As disaster strikes, here is a look at what is happening with gold and money supply.

December 28 (
King World News
) – 
Fred Hickey:  [Yesterday’s] jump in gold price had the fingerprints of Western institutional buying that’s been missing (and I’ve been looking for). The GLD ETF added 5.5 tons today, the biggest daily increase since mid-June. Also, this A.M.’s big jump in gold price was driven by futures traders.

Had heard (from my sources) some of the big hitting hedge funds were getting more interested in gold (chart looks much better than most other assets) and looks like they started to act. Hopefully, beginning of sustained buying. Western institutional investors woefully underinvested…

Billionaire Eric Sprott is a big investor in this remarkable silver company click here or on the image below

Money Supply
Charlie Bilello:
  The US Money Supply has fallen 1.7% over the last 8 months, the largest decline over a 8-month period on record (note: M2 data goes back to 1959).

Contracting Credit And Money Supply

On This Day, Disaster Strikes
Art Cashin, Head of Floor Operations:
  On this day in 1908, there occurred one of the greatest and certainly one of the most disastrous earthquakes in European history. It caused severe damage in much of the Mediterranean area but nowhere quite as harshly as Messina in Sicily. 

Actually, even before the earthquake began, it was not a good day for Messina. Beginning the night before, a pelting heavy rain had arrived along with near gale force wind. 

Now with the streets already flooded, a predawn tremor stuck Messina. It lasted about ten seconds. A few rocks fell, a few church bells rang spontaneously, a couple of foundations cracked, and several statues toppled. Then the second wave hit. It was a whopping 7.5 (even pre-Richter). At its epicenter offshore it raised a tidal wave over 60 feet high (but more on that later). 

This shock toppled stone structures all over town, trapping tens of thousands in the rubble and leaving the rest of the citizens in their bed clothes standing in freezing rain. There was no shelter since the public buildings were among the most devastated. The grand Cathedral collapsed. The town hall collapsed. And the wall of the prison collapsed, thus granting an unexpected post-Christmas furlough to 750 of Sicily’s meanest.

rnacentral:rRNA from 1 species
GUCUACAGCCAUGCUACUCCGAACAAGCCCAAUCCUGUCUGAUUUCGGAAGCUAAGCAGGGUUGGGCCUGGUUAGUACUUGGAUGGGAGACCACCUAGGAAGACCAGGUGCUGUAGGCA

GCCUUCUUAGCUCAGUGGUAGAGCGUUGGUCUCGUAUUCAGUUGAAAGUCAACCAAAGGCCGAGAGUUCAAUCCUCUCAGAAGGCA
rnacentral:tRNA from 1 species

Just to prove they were not out of practice they immediately set about looting the corpses; often cutting off fingers to get at the rings. Occasionally they found some people with rings who claimed not to be corpses, but they were soon convinced otherwise. 

As this merry band worked its way down the hillside, quake survivors fled toward the harbor just in time for the arrival of the aforementioned 60-foot tidal wave. It killed thousands of the ambulatory as well as drowning nearly everyone trapped in the rubble. 

Then came the third and largest quake which managed to rupture the gas lines and set the town on fire despite the freezing rain. 

Order was restored the next day when three Russian warships, on maneuvers in the area, pulled into port to help out. The Russian sailors followed an old custom of civilization called “shooting the looters” which has the uncanny effect of restoring order. When it was over it seemed the quake, the tidal wave, and the looting had killed over 90,000 people in a town of 130,000. So, for three decades the people of Sicily referred to Messina as “La Citta Morte” (the city of the dead). 

Meanwhile, we should start the day as we always do by looking at our cousins across the two ponds. 

Overnight, global equity markets are showing mostly small changes. The exception being Hong Kong, which is stronger, benefitting from an extended holiday layoff and further easing of the Covid program, following what is happening in Mainland China. Conversely, Japan is now raising its restrictions on visitors from China and requiring Covid testing. That will certainly make things interesting when we come to the end of January and the extensive seven-days of travel on the Lunar New Year begins. We will worry about that when we get to it. The other markets in Asia are either unchanged or slightly lower. In Europe, the market in London is showing some signs of strength, while Mainland Europe is basically flat to even – one or two ticks lower. 

The yield on the ten year is off yesterday’s highs, but only by a couple of basis points. So, that is not a major call. The U.S. calendar is moderate. We have Pending Home Sales and some data from the Richmond Fed. Then, in very late morning, there will be a treasury two-year floating rate note auction, followed at 1:00 pm by a five-year fixed rate note and those are the scheduled events that we could find. 

Oil is flat to one or two ticks lower after yesterday’s strength. The other inflationary players like gold and silver are also a tick or two lower. The equity futures in New York are trading mildly higher, but they pulled that joke on us in the preceding two days. So, we will see what their intentions are after the opening bell rings. 

You know the current drill. Stay close to the newsticker. Keep your seatbelt fastened. 

Stay nimble and alert and try to stay safe.

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